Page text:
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U.S. Expands Sanctions on Russian Entities

The Treasury Department’s Office of Foreign Assets Control has added seven Russian oligarchs and 12 companies they own or control, along with 17 senior Russian government officials, to its Specially Designated Nationals list. OFAC has also added a state-owned Russian weapons trading company and its subsidiary, a Russian bank, to the Sectoral Sanctions Identifications lists.

OFAC states that all assets subject to U.S. jurisdiction of the designated individuals and entities, and of any other entities blocked by operation of law as a result of their ownership by a sanctioned party, are frozen and that U.S. persons are generally prohibited from dealings with them. Additionally, non-U.S. persons could face sanctions for knowingly facilitating significant transactions for or on behalf of the blocked individuals or entities. However, OFAC has issued two general licences to minimise immediate disruptions to U.S. persons, partners and allies.

The accelerating addition of companies to the SDN and SSI lists can pose significant challenges for U.S. exporters, particularly due to the 50 percent rule, under which OFAC considers a subsidiary that is 50 percent or more owned by an SDN or SSI list entity to be subject to the same restrictions even if the subsidiary itself is not listed. Companies should thus ensure that their compliance programmes continually screen business partners and customers against the SDN, SSI and other U.S. government restricted party lists to avoid potential violations.

OFAC notes that a U.S. company that has ordered goods from a blocked entity may still accept the goods provided the importation is in accordance with the requirements and limitations specified in new General License 12. For the limited period of time specified, this general licence authorises all transactions ordinarily incident and necessary to the maintenance or wind down of operations, contracts or other agreements, which includes authorisation for U.S. persons to import goods into the United States from the blocked entities listed in General License 12, provided that any outstanding payment for the goods is deposited in a blocked account at a U.S. financial institution.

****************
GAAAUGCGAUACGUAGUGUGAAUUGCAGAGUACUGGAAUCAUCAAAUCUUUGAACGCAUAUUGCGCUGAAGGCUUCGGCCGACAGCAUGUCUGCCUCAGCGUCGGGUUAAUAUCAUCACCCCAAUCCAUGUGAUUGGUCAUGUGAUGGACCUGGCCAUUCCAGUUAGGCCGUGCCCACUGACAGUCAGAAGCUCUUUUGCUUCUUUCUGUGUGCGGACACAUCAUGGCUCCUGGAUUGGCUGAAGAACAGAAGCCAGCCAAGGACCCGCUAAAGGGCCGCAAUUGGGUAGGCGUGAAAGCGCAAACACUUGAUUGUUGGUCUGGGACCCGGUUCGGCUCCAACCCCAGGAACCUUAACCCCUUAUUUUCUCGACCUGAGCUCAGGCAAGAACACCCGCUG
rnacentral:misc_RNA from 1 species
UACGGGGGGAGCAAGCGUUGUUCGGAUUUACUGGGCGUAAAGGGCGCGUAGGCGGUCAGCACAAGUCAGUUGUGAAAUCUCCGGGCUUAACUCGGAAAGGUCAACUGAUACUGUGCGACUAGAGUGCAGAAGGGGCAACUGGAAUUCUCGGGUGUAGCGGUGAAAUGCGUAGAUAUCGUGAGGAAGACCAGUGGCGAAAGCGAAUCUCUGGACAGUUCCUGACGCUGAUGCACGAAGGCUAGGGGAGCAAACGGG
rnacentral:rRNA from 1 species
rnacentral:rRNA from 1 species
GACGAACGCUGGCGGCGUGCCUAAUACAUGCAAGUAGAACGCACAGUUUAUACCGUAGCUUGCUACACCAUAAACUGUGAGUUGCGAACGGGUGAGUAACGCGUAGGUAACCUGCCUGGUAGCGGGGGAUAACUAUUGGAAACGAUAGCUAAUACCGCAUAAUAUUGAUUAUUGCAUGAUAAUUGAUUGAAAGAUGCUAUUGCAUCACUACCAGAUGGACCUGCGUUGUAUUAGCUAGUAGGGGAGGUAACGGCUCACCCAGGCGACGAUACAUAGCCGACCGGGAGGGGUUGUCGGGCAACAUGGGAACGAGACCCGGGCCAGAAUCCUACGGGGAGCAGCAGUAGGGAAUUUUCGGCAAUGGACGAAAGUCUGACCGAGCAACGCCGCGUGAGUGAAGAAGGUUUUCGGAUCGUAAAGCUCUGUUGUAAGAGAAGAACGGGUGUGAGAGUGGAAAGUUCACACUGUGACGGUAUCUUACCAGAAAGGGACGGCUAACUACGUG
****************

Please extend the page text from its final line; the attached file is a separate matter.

In addition, OFAC states, if one or more blocked persons hold an ownership interest of less than 50 percent in a U.S. company, the U.S. company is not itself blocked but must block all property and interests in property in which the blocked person has an interest. Depending on the nature of such property, the U.S. company may be able to continue operating, but any payments, dividends or disbursement of profits to the blocked person would be prohibited and, to the extent such payments are required, must be placed in a blocked account at a U.S. financial institution. U.S. companies in such a scenario are encouraged to contact OFAC to determine whether a licence or other authorisation is required.

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